There’s almost always this moment when studying anything old when you think “we have come so far.” From the Nintendo 64 to Roman aqueducts we always seem to be measuring progress by the distance between us and our ancestors, very often most importantly in the area of technology. In a world that seems to have a major advance in technology every day, it seems like we are moving at an incredible speed from the world of our grandparents and their grandparents.
And in the face of all that progress stands a bold podcast that wants to remind the world that while our tech has progressed, maybe we haven’t gone all that far. The Secret History of the Future, written and hosted by Tom Standage and Seth Stevenson, is pointing out the ways that people are still responding to new technology the same way they have over the centuries.
This show looks at stories from the history of technology and compares them to things that are happening in tech today,” Seth explained in our interview. “So, a lot of times, you’ll see familiar echoes of the way technology was received in the past, between when something weird came along and it freaked people out, and some of the new technology now and how people are reacting to it.
Tom Standage is the editor for The Economist, which was looking to collaborate with Slate, where Seth works, to make a new show. When Tom had the idea for The Secret History…, Seth was chosen as the writer because of his experience in tech writing.
Despite that experience and Seth’s years spent as a writer, much of the process of making the show was new territory for him.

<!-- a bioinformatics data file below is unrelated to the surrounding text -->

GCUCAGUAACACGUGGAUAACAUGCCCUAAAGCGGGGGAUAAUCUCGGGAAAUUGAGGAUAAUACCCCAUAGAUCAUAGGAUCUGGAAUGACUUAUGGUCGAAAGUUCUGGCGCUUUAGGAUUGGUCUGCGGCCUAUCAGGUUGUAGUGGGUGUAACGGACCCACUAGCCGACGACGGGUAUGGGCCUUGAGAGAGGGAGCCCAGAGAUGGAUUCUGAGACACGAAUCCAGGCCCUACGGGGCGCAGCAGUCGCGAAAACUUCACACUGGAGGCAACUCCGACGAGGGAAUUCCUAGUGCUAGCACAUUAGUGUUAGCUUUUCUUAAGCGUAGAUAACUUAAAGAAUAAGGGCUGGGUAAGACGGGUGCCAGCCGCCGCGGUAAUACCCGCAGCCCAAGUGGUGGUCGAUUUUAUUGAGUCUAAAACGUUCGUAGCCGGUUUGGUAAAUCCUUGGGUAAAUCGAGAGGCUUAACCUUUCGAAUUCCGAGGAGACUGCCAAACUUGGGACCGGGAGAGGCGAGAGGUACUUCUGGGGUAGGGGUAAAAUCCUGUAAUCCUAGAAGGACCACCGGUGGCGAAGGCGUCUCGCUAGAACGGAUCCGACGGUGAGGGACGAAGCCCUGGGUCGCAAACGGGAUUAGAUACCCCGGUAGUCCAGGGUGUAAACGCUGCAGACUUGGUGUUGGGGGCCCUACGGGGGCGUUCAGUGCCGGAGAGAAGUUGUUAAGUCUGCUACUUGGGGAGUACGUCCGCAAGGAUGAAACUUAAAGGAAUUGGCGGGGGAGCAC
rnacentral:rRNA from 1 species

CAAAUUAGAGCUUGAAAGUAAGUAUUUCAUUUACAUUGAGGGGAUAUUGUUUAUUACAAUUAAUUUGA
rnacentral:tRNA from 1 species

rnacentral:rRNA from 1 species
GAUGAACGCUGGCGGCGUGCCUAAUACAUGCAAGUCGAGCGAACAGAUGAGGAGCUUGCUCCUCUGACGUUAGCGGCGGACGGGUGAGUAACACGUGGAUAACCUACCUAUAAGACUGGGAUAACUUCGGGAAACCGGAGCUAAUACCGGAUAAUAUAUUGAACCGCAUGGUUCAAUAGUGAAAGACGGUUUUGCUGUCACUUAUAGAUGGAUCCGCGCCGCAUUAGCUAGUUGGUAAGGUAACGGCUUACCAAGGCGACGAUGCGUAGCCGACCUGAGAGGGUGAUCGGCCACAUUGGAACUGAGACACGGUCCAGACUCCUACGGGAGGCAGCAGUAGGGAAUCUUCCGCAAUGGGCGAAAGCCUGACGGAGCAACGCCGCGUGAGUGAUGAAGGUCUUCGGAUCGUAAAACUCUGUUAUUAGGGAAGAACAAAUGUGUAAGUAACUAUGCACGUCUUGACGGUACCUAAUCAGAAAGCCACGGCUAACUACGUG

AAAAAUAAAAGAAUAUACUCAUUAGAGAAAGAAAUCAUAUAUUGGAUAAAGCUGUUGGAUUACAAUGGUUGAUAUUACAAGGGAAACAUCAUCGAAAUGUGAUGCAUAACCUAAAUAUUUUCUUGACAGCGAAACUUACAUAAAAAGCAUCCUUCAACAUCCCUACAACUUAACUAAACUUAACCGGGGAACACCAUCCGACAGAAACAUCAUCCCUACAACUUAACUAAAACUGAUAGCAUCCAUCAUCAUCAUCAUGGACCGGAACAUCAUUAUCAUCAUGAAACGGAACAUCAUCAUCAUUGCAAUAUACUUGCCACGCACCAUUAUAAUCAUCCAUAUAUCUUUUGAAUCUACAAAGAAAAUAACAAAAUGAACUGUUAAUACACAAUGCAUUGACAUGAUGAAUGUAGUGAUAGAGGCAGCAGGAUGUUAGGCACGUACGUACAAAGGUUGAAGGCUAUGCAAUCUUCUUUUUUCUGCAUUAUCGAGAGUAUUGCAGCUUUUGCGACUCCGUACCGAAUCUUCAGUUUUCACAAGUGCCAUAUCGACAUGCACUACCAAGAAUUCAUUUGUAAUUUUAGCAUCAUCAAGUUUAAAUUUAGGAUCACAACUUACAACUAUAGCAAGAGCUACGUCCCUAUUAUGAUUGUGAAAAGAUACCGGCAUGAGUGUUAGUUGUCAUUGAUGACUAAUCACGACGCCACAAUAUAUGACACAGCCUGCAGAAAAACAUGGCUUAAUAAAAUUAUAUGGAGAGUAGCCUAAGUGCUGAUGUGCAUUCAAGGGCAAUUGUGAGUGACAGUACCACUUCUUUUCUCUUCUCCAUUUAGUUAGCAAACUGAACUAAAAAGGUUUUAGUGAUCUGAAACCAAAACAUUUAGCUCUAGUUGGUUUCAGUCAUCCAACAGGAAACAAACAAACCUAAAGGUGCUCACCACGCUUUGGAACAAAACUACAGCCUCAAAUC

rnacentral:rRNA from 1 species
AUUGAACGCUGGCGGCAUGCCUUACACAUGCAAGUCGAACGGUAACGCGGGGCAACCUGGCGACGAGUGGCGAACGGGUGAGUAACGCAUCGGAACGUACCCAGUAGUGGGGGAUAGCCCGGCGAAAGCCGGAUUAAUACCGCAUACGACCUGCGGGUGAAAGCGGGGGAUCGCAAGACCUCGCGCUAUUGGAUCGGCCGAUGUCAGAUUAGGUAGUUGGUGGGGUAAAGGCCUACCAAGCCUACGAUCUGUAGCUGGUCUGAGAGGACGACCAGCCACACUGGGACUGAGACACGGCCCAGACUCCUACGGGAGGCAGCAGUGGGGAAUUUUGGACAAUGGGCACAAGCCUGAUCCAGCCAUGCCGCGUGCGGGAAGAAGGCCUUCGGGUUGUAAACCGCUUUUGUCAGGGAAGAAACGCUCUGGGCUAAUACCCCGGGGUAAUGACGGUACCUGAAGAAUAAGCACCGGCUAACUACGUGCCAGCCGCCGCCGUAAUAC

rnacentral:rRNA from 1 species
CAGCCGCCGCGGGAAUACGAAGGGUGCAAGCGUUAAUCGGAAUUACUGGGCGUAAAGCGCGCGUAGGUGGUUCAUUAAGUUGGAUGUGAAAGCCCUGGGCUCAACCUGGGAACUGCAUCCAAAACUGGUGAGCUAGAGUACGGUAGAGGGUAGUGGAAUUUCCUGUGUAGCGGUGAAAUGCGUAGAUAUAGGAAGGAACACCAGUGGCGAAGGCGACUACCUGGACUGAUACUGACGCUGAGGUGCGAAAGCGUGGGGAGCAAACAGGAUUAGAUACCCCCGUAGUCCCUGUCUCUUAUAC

I had never worked on, kind of, a highly produced narrative podcast before. I’d done sort of chatty podcasts where two people talk about a topic, I’d done interview podcasts, but I’d never done a podcast where we go off, interview people, and the crew tapes, and then I write a script for it and take out the tape I’m gonna use and work on it in the studio…
Seth also loves the subject matter, saying he didn’t know most of the stories that they end up telling on the podcast. From using electric eels to treat migraines (the Romans) to creating computers to beat chess players (1780s Europeans), the stories of technology and people’s responses to it continue to fascinate Seth as he gets to investigate them. What he and his fans find really interesting is what doesn’t change over the centuries they study.
People recognize, ‘wow, technology changes all the time and there’s new technology that seems brand new but people in many ways don’t change. The way we react to new things – our fear, our optimism – all that stuff stays the same over the centuries.’ And I think we need to see that.
The show has been a learning curve, but that is a lot of fun for a guy like Seth, who loves trying new things.
I love finding new challenges, it keeps everything fresh. If I was still doing the same thing I was doing twenty years ago I think I would be pretty bored.
Trying new things has worked out pretty well for Seth and Tom since The Secret History of the Future has been ranked fourth on iTunes’ podcast tech charts and is expecting to stay there throughout their run. So, if you’re wondering how forks and Japanese toilets are connected, or why people have been afraid of cars since they got on the road, The Secret History of the Future is the show for you.
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